Darkness swirled hauntingly in Aarynne?s mind as she slept, nightmares never absent from her slumber. Her vision was filled with the powerful terror that Yassir had created, she could hear her own screams, piercing through the blackness that was her nightly prison, and his rantings as he swaggered drunkenly. She felt each pain, physical and emotional so vividly that she woke, gasping for air, hands trembling.
?Dear Eru, let it end,? She whispered, feeling for Thunderfoot and Lomion for comfort. Instead, she sensed her sister kneel beside her, keeping a distance.
?Are you all right?? She whispered tentatively, keeping her distance hesitantly.
?No,? Aarynne whispered back, feeling Lomion?s thick white fur between her fingers, ?but you need not trouble your mind with it,? she said without looking at Arwen, and laying back down, taking some comfort from the warmth of the animals she called her friends.
Arwen nodded, and laid back down herself on her grassy bed, filling her mind with more pleasant thoughts, and slowly entering into a dreamless sleep.
As the lifeless sun rose in the morning, Aarynne packed her meager possessions in Thunderfoot?s saddle bags and mounted him easily.
?Slow yourself Aarynne,? Arwen gently reprimanded her, ?give us time to eat and pack as well.? Aarynne looked down from Thunderfoot?s back and steadied him as he grew restless.
?I?m going to ride ahead a bit. I won?t get far,? she promised, and with that said, true or not, galloped off with Lomion on her heels.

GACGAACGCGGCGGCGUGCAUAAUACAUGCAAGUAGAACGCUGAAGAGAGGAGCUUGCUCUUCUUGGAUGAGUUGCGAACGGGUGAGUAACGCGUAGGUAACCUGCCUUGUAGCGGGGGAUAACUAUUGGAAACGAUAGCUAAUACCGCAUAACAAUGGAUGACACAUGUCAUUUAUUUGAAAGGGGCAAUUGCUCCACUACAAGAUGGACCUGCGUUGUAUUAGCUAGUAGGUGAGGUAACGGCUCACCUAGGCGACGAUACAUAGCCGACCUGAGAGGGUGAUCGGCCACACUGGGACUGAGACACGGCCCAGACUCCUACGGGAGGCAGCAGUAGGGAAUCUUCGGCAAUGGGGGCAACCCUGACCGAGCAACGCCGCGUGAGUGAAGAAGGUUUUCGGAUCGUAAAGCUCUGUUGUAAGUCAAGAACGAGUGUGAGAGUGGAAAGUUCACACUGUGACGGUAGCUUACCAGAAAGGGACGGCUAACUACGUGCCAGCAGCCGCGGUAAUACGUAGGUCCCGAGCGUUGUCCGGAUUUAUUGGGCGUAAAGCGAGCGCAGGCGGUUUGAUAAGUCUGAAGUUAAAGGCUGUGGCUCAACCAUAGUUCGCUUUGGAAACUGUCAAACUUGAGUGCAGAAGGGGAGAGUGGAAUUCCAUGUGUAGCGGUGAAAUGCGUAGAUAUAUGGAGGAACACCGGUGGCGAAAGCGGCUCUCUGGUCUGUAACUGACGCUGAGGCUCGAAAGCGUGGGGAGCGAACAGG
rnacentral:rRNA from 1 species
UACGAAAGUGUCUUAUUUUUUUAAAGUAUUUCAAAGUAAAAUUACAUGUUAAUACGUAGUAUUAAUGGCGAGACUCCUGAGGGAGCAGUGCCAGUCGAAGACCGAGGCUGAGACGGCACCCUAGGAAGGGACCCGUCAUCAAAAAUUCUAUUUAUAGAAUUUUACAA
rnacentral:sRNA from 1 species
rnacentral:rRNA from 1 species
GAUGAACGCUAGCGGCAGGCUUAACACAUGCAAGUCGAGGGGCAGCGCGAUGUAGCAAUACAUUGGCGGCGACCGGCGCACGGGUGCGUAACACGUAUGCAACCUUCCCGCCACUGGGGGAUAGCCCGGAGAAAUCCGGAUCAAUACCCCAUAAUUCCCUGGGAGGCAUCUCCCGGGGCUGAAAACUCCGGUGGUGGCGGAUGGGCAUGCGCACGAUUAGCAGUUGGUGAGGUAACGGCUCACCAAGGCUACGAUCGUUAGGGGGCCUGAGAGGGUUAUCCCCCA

The terrain ahead of her was flat and monotonous as she felt the rush of the wind blowing on her face. She felt the power of the animal beneath her, and the eagerness of him and Lomion to go faster, to push harder, so, with a small smile on her face, she kicked her heels into Thunderfoot?s ebony sides and raced off into the horizon.
The landscape rushed past the trio, and the gentle breeze turned into a whipping wind, though in a pleasant way. Aarynne felt exhilarated by the force of Thunderfoot?s muscles pulsing beneath her, and the pure freedom of the gallop.
After a good run, she slowed Thunderfoot to a stop and dismounted, rubbing his neck, now slick with sweat.
?Thank you my boy, that felt good didn?t it?? Aarynne laughed as he nibbled at the shoulder of her light blue dress. ?Just rest now boy.?
Lomion had taken his customary position, sitting by her side as she stroked the magnificent black creature, and rested his head against her leg. Moving him gently, Aarynne lay on the soft green grass, staring into the pale morning sky, her heart finding some peace for the first time since leaving Lorien. That peace was broken by the sound of hoof beats in the distance.
?I guess that I just don?t much like people.? She said to Lomion, rising from her grassy bed and scratching his ears, an cynical smile on her face. ?Wouldn?t you say so??
Within minutes, her traveling companions came into view, and Aarynne mounted Thunderfoot, a bit of resentment in her heart, looking ahead, where somewhere, Rivendell lay?the last Homely House.
?How can I call it home?? She asked herself, ?When it brings nothing but fear in my heart? Nay, I have no home.?
?Hm?? Arwen asked, riding up beside the restless trio. ?What did you say?? Aarynne didn?t turn to look at her sister, and silently mulled over whether or not to answer her inquiry. Whether or not it was always a good thing, Aarynne tended to be honest, sometimes brutally so, excepting of course, certain areas of her life.
?I said that I have no home,? she answered finally, pushing Thunderfoot into a walk, Arwen and herself a bit ahead of the others.
?What do you mean?? Arwen asked with a small, uncertain laugh. ?We are going home.? Aarynne shook her head and bit her lip painfully.
?You could never understand.?